did not know or did not employee dietary managers. Results are presented in Table 1 and Figure 1.
Table 1. Study Participant Results
Food Service Suppliers
Assisted Living Facilities
Not known/ Do Not Contract/
Do Not Employ
Figure 1. Total Results Comparison
A majority of participants were unaware of the qualifications for dietary managers in Illinois. Less than half
the participants that supplied information required qualifications beyond the minimum state requirements for
dietary managers. Literature review suggests that additional requirements specifically addressing the food
preparation skill of dietary managers may indicate higher food quality served at facilities.
The minimum requirement for dietary managers in Illinois only addresses sanitation and says nothing about food
preparation skill. There were only five total responses that indicated requirements above the minimum state requirements.
Those responses included: “…must be able to cook from scratch”; “…must be a chef”, “…must
have one year experience in food preparation”.
Intuitively one would expect that the quality of food, including its overall palatability is linked to the skill
of dietary managers. Palatability is defined as “introspective evaluation of the hedonic (pleasurable)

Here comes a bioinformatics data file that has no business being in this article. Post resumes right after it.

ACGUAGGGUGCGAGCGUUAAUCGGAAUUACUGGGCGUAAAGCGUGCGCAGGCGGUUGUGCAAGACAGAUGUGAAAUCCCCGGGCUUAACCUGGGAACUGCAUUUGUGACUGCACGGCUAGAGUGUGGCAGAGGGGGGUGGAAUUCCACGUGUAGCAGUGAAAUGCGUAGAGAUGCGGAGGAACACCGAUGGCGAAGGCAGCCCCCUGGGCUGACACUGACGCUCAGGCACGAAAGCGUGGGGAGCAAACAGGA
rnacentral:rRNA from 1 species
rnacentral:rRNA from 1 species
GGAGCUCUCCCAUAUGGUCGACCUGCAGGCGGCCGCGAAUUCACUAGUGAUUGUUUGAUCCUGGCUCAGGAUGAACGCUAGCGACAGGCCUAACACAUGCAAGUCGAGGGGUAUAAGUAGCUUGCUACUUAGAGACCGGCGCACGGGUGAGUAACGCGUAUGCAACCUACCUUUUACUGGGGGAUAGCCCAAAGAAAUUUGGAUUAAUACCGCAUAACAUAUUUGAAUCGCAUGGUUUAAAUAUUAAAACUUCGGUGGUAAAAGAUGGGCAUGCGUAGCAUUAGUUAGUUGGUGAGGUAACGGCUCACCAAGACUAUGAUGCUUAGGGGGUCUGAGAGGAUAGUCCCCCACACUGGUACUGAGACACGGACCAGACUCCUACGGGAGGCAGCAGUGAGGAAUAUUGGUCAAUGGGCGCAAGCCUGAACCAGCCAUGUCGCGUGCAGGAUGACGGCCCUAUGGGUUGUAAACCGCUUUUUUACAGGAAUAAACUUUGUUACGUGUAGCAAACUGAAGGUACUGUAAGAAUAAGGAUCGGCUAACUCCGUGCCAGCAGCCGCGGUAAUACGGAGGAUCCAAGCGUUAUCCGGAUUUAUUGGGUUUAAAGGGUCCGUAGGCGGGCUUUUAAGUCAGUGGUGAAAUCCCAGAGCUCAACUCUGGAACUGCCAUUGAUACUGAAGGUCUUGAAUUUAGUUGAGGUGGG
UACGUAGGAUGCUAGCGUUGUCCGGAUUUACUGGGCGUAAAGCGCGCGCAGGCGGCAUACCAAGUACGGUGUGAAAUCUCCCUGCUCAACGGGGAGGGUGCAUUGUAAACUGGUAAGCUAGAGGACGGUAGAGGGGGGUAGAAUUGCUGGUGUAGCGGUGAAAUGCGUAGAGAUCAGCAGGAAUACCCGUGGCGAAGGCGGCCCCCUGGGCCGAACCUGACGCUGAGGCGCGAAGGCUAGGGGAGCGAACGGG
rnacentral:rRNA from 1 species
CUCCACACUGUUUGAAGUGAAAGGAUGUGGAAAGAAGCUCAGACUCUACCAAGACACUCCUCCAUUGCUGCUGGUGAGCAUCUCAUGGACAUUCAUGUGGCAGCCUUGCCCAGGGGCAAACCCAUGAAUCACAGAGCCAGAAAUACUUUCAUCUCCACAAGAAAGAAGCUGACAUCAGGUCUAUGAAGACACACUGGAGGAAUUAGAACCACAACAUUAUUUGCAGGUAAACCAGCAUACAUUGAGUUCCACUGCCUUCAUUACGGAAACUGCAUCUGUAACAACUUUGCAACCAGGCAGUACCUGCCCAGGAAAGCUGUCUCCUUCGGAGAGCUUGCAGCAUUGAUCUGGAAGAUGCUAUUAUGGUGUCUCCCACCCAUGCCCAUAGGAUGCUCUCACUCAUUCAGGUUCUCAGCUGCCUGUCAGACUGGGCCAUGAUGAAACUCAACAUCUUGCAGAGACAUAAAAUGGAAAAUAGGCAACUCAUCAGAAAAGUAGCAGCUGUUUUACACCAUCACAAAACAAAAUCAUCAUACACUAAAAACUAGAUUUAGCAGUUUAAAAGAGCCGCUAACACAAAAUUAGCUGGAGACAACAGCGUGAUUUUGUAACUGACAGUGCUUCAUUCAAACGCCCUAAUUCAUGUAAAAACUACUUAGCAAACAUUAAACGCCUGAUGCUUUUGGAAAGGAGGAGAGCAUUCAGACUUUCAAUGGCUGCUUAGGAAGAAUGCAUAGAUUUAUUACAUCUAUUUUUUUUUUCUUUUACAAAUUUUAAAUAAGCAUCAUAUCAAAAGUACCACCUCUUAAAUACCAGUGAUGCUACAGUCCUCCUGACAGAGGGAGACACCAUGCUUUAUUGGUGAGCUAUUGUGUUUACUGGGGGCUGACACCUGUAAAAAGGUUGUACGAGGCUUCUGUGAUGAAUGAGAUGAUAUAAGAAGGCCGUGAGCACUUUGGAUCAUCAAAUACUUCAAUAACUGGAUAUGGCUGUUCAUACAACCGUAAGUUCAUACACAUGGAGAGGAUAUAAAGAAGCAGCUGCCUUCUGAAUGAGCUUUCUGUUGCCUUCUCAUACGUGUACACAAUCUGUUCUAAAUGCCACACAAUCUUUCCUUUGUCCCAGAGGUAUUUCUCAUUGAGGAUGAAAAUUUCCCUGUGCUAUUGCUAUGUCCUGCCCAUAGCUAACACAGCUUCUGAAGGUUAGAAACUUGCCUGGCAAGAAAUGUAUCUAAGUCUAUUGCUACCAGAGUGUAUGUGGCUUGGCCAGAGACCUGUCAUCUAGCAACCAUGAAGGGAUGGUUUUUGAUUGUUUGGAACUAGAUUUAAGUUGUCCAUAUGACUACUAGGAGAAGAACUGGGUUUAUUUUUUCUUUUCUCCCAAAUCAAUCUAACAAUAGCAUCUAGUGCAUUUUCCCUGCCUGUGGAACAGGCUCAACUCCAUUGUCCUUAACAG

qualities of food (Morley, 2001). According to Morley, highly palatable foods enhance food intake. Employers
that require food preparation skill above the minimum state requirements should have higher quality food that
is pleasantly presented to long-term care residents. Results from this small sample indicate that lower quality
of food may be served to residents in long-term care facilities because of lack of food preparation knowledge
and skills of the dietary managers employed.
Limitations of Study
The results in this study were based on convenience samples located in the Peoria, Illinois area. Results for
dietary manager qualifications are limited to central Illinois and may differ by region. The small sample size
may not accurately portray typical dietary manager qualifications. An additional study with larger sample size